McCormick Foundation

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McCormick Foundation is a Chicago-based nonprofit charitable trust established in 1955, following the death of "Colonel" Robert R. McCormick of the McCormick family. As of 2010 it had more than US$1 billion in assets.[1]

History[edit]

In 1911, McCormick became the editor and publisher of the Chicago Tribune, a position he held until his death in 1955. McCormick's will founded a charitable trust to promote his beliefs regarding the first amendment, citizenship, community service, education and journalism.

In May 2008, the foundation’s Board of Directors changed its name from McCormick Tribune Foundation to the McCormick Foundation to clarify that the Foundation no longer held an ownership position in the Tribune Company.[2] In May 2009, the foundation appointed Chicago native, lawyer and former CEO of the Los Angeles Times, David Hiller as its president and CEO.[3] Hiller succeeded David L. Grange, a retired United States Army Major General, who was the foundation’s president from 2005–2009.[2]

Parks and museums[edit]

Cantigny Park[edit]

McCormick left his grandafather Joseph Medill's estate, that he called Cantigny, as a public park. The park is located in Wheaton, Illinois.

Mobilization of the McCormick Freedom Museum[edit]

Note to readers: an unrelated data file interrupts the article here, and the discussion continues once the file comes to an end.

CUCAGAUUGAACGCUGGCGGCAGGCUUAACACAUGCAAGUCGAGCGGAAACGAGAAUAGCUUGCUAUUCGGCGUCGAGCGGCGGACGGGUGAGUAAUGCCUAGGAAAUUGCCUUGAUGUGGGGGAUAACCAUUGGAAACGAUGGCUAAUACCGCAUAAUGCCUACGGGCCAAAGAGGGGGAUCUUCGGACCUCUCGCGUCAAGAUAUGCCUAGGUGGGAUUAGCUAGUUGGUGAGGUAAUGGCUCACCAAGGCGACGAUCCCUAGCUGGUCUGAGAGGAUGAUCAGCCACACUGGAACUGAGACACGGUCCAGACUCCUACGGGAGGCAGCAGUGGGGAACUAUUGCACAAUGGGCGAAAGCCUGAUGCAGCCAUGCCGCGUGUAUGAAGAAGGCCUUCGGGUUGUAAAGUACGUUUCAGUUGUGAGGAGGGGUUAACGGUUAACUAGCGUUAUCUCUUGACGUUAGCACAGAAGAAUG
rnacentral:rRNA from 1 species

From April 2006 to March 2009 the foundation funded the McCormick Tribune Freedom Museum which focused on first amendment rights: freedom of speech, religion, press, assembly and petition.[4] In January 2009, the foundation announced it was turning the McCormick Freedom Museum mobile.[5] The mobile museum made its debut in Chicago’s Pioneer Court on May 27, 2010.

Grantmaking[edit]

The foundation has six programs:[6]

Education[edit]

After a $30 million grant to renovate the Technological Institute in 1989, the Engineering school of Northwestern University was renamed the Robert R. McCormick School of Engineering and Applied Science.[7] Since 2003, the foundation focused on programs for children up to the age of eight in Illinois, including Advance Illinois, Illinois Action for Children, Ounce of Prevention Fund, and the Erikson Institute.[6]

Journalism[edit]

The foundation makes grants concerning journalism, including American Society of Newspaper Editors Foundation, Radio Arte, News Literacy Project, Northwestern University's Media Management Center, and the Poynter Institute.[6]

Civics[edit]

The foundation makes grants to improve access to civic education and engagement opportunities for Chicago area youth ages 12–22, including Mikva Challenge, City Year Chicago, Interfaith Youth Core, Illinois Campus Compact, and Constitutional Rights Foundation Chicago.[6]

Communities[edit]

The foundation partners with media outlets and sports teams (including the Cleveland Cavaliers,[8] Orlando Magic,[9] Chicago Blackhawks,[10] Chicago Cubs[11] and the Chicago White Sox[12]) to raise money for local needs, often granting matching funds.[6]

Veterans[edit]

In 2008 and 2009 the foundation made grants for services for returning veterans from Operation Enduring Freedom and Operation Iraqi Freedom.[6]

Other initiatives[edit]

The foundation makes grants for Chicago healthcare, cultural, education and human service organizations. Examples include Chicago Lighthouse for the blind or visually impaired, Children's Memorial Hospital, and Off The Street Club.[6]

References[edit]

External links[edit]